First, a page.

Using a 3-D printer, zoo employees construct a prosthesis for an injured bird.
At the Smithsonian’s National Zoo in Washington, D.C., staff members are concerned with the feeding difficulties of Karl, an Abyssinian ground hornbill living in the cheetah exhibit. Hoping to restore his ability to eat normally so they can breed him, they come up with a solution for his broken bottom beak. They mend it using a pattern from a museum skeleton and 3-D printing technology. A number of recent titles for young readers describe the work of humans to make lives better for injured or abandoned animals. Unusually, here the special focus is on the process: the complicated and painstaking repair of Karl’s lower beak, including the construction of its replacement part. Thoughtful design makes this very clear: Illustrations cleverly combine actual photographs with drawings and diagrams, printed in blue and white like blueprints. Readers see Karl in his enclosure, before-and-after close-ups, and the veterinarian, exhibits specialist, and exhibit curator (all white-presenting) who work together to restore the beak. There are also photos of the printing process as well as sanding and gluing the new bill. The straightforward text introduces the bird, explains how hornbills use their beaks in the wild, and follows the process step by step. Backmatter includes more facts about hornbills in the wild and about Karl in particular as well as a glossary with unusually helpful definitions.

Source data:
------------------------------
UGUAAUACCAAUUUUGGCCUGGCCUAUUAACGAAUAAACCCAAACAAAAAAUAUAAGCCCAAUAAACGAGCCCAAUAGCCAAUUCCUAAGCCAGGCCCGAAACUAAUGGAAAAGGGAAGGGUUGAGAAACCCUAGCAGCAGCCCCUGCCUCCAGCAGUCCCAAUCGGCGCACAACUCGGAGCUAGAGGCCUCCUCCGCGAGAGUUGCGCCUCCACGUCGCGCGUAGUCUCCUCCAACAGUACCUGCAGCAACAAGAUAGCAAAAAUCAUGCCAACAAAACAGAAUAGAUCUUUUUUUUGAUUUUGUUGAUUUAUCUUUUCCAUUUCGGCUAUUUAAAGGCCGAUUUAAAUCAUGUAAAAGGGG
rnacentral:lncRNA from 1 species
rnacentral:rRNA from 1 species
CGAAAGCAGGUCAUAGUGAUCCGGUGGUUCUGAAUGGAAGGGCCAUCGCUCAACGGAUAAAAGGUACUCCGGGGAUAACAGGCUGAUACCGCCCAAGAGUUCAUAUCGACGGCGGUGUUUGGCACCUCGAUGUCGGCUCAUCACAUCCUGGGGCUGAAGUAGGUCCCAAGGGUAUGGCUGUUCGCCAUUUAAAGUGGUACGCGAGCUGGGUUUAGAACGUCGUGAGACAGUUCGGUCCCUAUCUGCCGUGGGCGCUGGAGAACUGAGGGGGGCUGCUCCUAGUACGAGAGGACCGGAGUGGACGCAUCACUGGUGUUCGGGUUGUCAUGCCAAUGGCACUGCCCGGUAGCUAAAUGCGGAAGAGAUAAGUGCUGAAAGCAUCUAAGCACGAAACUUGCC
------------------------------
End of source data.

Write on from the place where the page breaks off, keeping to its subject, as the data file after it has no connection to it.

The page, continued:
For fans of animal-rescue accounts and 21st-century technology. (Informational picture book. 5-9)